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From a web of links, to a web of likes, to a web of sentiment

I was drawn to a tweet by Steve Rubel, from Edelman Digital, earlier: Continue reading

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Web teams need to share knowledge to be most effective

I’ve held senior roles and run projects at major brands where I’ve been responsible for a large part of a web or ecommerce strategy and as a result responsible for a lot of the staff who make that strategy come to life. Every time I’ve taken on a new role or project at a large organisation I’ve been disappointed to see the lack of knowledge sharing that goes on both within the web team and between departments like tech, marketing and web.

It pains me every time I meet a web designer or developer who has no appreciation of how their work can affect a sites SEO, or a marketer who has no appreciation of how important content is and how users like to consume content online or a content producer with no appreciation of how users like to search on Google and how content affects your ranking.

I’m not saying that your designers should be SEO experts, far from it, I just believe that your website would be more effective if the people in charge of certain disciplines had an appreciation and understanding of how that discpline affects and complements the others. This goes for agencies too; personally I wouldn’t hire an SEO agency who didn’t at least understand the relationship between SEO and content and code and how getting all of them right is (generally) going to deliver better results for the business than just getting one of them right (or performing all three activities in total isolation).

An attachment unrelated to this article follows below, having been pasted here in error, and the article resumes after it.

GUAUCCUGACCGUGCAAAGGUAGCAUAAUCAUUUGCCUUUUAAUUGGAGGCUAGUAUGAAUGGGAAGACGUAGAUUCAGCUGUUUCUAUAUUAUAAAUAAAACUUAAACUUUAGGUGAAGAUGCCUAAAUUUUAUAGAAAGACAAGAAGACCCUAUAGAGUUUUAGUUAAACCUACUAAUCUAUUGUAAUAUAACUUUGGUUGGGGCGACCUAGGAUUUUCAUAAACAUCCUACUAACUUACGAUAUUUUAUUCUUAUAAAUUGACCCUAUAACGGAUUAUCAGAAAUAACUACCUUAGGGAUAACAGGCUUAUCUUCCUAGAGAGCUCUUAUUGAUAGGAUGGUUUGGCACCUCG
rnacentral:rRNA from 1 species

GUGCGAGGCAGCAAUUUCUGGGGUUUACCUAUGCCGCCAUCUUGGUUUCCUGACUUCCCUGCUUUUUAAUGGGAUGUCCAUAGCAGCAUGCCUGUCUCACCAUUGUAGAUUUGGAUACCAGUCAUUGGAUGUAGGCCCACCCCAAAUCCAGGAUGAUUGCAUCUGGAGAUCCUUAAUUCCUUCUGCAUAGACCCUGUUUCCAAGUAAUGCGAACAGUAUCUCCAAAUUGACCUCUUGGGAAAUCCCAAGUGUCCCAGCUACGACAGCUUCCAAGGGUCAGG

In my experience, brands with internal web teams benefit more if there is a mutual understanding of what each area does and how they can impact each other. This can foster better relationships, improve personal development opportunities for staff and result in better results and ROI from all of your web activities. Let your teams share knowledge, present to each other what it is they do and why they need help and understanding from other disciplines and try to encourage a passion for the wider web and digital world in general (believe me, enthused staff are happy and productive staff).

Once you foster a culture of learning and sharing in your organisation you will soon begin to see the benefits. Nothing is more pleasing than seeing developer staff get up from their seats and head down to marketing because they have an idea that will improve a social media campaign landing page or for a content writer to go and talk to your search staff before writing copy for some new pages.